In January 2014 American curator Cash Brown blogged about her experience at the National Museum in Myanmar[1]. Myanmar has a tropical monsoon climate. Despite a fairly well maintained exterior of the museum, Brown noticed severe damages to most of the works from the collection which were not endemic to the region. She noted that works of photography, works on paper and oil paintings showed signs of degradation ranging from mild to severe, while the musical instruments, lacquer ware, wooden, stone and ceramic artefacts fared better. The museum objects that were made from locally found materials are chemically acclimatized to the conditions found in Myanmar. Those that were not native to the climate were ravaged by high humidity, and fluctuating temperatures made possible by the lack of proper climate control and supervision.

The National Museum in Myanmar

The National Museum in Myanmar

This phenomenon of acclimatization was first documented in London, when in preparation for WWII the National Gallery in England decided to secure their collections in limestone quarries in Wales. After the war, the collections were inspected and all found to be in good condition. They were removed from the temperature and humidity-controlled quarries and then re- introduced into the museum environment[2]. This relocation was observed to have a disastrous effect on the condition of the collection, as various artworks began to rapidly exhibit various forms of distress and deterioration after relocation. After some investigation it was concluded that the works of the collection had acclimatized to the constant environment presented in the quarries, which differed greatly from the inconsistent museum climate. It is important to note that the museum’s exterior environment plays an equal role in the stability of the interior environment and also has to be factored into preventive conservation and risk management controls.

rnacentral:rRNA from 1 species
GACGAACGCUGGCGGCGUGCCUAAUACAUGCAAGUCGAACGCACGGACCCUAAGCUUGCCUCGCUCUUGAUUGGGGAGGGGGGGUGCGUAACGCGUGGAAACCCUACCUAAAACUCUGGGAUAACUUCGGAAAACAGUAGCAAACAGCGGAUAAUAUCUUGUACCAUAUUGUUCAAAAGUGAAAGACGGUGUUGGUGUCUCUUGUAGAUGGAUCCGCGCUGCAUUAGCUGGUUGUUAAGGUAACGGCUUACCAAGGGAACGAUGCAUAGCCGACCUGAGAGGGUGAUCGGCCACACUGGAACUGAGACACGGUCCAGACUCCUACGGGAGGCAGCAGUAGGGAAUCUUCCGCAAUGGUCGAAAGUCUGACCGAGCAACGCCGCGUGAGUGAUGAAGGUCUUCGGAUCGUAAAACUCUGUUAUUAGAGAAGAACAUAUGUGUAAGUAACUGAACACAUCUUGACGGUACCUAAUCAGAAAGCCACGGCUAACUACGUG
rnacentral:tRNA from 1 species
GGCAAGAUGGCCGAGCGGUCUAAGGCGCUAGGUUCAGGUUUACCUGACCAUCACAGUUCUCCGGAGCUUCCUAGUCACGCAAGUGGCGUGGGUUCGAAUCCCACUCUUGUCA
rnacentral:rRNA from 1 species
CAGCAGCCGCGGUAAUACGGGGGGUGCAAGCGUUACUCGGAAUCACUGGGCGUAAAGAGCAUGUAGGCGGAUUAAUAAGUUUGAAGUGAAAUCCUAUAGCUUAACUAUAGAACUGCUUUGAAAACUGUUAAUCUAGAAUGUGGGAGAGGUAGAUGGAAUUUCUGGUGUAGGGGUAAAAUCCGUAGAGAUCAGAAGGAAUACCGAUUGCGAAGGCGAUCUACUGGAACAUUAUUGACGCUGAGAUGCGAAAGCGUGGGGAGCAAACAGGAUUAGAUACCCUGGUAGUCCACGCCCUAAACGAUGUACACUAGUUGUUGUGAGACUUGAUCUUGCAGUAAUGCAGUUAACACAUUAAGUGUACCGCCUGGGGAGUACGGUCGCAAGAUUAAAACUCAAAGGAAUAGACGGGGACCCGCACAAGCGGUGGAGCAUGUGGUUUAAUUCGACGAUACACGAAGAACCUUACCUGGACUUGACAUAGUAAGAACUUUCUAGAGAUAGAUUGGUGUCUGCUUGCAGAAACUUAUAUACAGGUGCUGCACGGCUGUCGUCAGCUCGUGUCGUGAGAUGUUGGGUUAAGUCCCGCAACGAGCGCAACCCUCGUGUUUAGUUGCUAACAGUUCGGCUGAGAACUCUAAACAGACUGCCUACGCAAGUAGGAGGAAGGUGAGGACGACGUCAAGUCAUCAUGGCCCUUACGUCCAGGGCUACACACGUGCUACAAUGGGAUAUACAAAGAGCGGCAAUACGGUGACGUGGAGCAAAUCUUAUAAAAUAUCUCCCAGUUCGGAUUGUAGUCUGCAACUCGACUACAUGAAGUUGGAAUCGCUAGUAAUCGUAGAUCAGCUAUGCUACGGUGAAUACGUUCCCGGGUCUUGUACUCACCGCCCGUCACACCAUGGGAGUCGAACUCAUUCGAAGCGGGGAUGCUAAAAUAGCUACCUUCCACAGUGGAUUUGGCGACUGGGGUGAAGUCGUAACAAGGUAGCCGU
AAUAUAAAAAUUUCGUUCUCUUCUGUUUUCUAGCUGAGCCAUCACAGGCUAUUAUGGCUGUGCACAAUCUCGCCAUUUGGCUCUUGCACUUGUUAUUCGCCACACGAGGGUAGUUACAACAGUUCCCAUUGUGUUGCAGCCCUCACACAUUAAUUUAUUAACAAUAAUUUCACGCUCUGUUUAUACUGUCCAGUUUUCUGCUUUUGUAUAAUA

Severe disasters pose a serious threat to the conservation of artefacts as they are often unpredictable or unpreventable. In the case of earthquakes, measures can be taken only after the catastrophic event has already occurred, although proper mounting and storage practices can help to prevent damage. Hurricanes and tropical cyclones form over tropical waters, in areas of high humidity, light winds and warm sea surface temperatures (26.5 degrees celsius and greater)[3]. There has been a very pronounced increase in the number of tropical storms and hurricanes in the Atlantic since the late-1980s. This trend has been identified by scientists as a side-effect of greenhouse warming.[4]